About 22,530 women in the US will receive a new diagnosis of ovarian cancer this year, and more than half of those will be 63 and over. It is not a common cancer – ovarian cancer ranks fifth in cancer deaths among women – and the most difficult thing about this type of cancer is that there is currently no good or accepted screening or tests that will catch it early.
Symptoms Hard to Detect
Early detection is hard because many of the symptoms are common to women in mid-life, orcould easily be mistaken for various ailments and conditions. The most typical ovarian cancer symptoms include:
• Feeling full after eating only a few bites or loss of appetite
• Diarrhea, constipation, change in bowel habits
• Bloating, distension of the abdomen, clothes around the waist feel too tight
• Nausea, vomiting, heartburn, gas, indigestion
• Increased urinary frequency, need to urinate urgently, pressure on the bladder, leaking urine
• Vaginal discharge, bleeding, spotting, deep pain with intercourse
• Discomfort or pain in the abdomen, pelvic region, or lower back
As you can see, these are symptoms of many different things and at some point, most women will have these symptoms. However, it’s important to listen to your body, if symptoms are new and do not go away see your health care provider. If you’ve had any of these symptoms for 3 or more months and they can’t be explained by other conditions, do talk to a health care provider.
A physical exam, pelvic ultrasound, and some blood tests rule out ovarian cancer. Hoping to improve detection, researchers are looking into testing for the pattern of proteins in the blood (called proteomics) to find cancer cells earlier.
Some risk factors for ovarian cancer are behavioral, which means habits (that’s on us), and some are inherited or genetic. But even having many risk factors does not mean that you will be at risk for ovarian cancer. Many women’s illness strikes those who have no known risk factors.
Here are factors that might increase a woman's chance of developing epithelial ovarian cancer:
Getting older – Half of all ovarian cancers are found in women 63 years of age or older.
Being overweight or obese – Those with a body mass index [BMI] of at least 30 may have a higher risk of developing ovarian cancer. Obesity may also affect the overall survival of a woman with ovarian cancer.
Late childbearing or never having a full-term pregnancy
Having a family history of ovarian cancer, breast cancer, or colorectal cancer
Ovarian cancer can run in families. Your ovarian cancer risk is increased if your mother, sister, or daughter has had ovarian cancer, and the more relatives, the more risk. A strong family history of breast cancer may be caused by an inherited mutation in the BRCA1 or BRCA2 genes and hereditary breast and ovarian cancer syndrome, which is linked to an increased risk of ovarian cancer.
The Role of Genetics
Researchers are studying what they call family cancer syndrome. As inherited gene mutations are found throughout a family, they find that some other types of cancer such as colorectal and breast cancer are linked to an increased risk of ovarian cancer. About 5 to 10% of ovarian cancers are a part of family cancer syndromes resulting from inherited changes (mutations) in certain genes.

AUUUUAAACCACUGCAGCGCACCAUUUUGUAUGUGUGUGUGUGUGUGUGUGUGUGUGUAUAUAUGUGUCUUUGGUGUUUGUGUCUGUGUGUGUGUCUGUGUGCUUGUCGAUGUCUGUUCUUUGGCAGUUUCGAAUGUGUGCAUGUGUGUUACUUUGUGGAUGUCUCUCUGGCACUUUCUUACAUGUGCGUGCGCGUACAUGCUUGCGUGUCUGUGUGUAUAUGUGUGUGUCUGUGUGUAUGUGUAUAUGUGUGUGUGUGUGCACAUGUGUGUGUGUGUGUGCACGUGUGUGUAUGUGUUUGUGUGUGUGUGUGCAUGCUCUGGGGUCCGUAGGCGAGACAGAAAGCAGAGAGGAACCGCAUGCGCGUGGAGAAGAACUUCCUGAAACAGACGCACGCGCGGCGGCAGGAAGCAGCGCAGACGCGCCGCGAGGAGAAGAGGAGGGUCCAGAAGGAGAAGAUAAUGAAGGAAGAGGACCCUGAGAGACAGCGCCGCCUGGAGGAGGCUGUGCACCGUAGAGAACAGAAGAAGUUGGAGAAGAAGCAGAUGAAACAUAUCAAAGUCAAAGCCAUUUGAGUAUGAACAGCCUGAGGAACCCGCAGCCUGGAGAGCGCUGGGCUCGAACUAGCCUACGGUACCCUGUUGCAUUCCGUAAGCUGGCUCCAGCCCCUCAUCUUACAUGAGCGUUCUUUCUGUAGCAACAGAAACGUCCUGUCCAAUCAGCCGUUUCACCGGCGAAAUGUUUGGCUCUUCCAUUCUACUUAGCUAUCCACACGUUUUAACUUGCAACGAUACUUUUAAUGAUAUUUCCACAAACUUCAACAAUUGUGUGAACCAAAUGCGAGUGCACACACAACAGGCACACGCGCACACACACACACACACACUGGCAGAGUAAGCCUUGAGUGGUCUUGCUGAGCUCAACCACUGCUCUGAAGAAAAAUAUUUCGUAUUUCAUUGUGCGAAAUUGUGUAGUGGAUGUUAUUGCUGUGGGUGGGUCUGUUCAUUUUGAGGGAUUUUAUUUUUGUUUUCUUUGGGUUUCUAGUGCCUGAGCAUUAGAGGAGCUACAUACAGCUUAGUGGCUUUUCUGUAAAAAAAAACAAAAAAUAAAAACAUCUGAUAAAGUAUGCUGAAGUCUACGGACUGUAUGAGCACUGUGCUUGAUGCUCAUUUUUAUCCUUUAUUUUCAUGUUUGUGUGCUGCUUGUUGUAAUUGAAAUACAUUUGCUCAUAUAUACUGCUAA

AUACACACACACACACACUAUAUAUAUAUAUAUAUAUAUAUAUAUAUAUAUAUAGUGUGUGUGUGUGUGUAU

You’ve probably heard of women getting tested for the BRCA1 and BRCA2 gene mutations that greatly increase their chances of getting breast cancer as well as ovarian, fallopian tube, and primary peritoneal cancers. The risk of some other cancers, such as pancreatic cancer and prostate cancer, are also increased with these gene mutations. Scientists continue to search for clues as to how genes become disrupted, and which are high-risk. My mom had the BRCA 1 mutation and did have breast cancer at age 32. I was tested and luckily was negative. However, if I was positive for BRCA1, I would have had both ovaries removed before menopause.
Precautionary mastectomies and hysterectomies by celebrities have made the news, and oncologists are studying how various preemptive surgeries, such as fallopian tube removal alone, or having both ovaries and fallopian tubes removed might prevent cancer from developing. Cells from very early fallopian tube cancers can become detached and then stick to the surface of the peritoneum or the ovaries growing out of control and becoming cancerous.
For reasons we don’t yet understand, these cancer cells may grow more rapidly in their new locations. A hysterectomy, while sparing the ovaries, appears to reduce the risk of getting ovarian cancer by about one-third.
Cancer is a scary subject, and women’s bodies have special vulnerabilities. As I often tell my patients, (and you) pay attention to your physical and emotional health. A nutritious diet, weight control, and lowering stress can improve your odds against all cancers. If you do have a family history of cancer, talk to your healthcare provider about any screenings or tests that can give you more information about your individual situation so you can make informed decisions.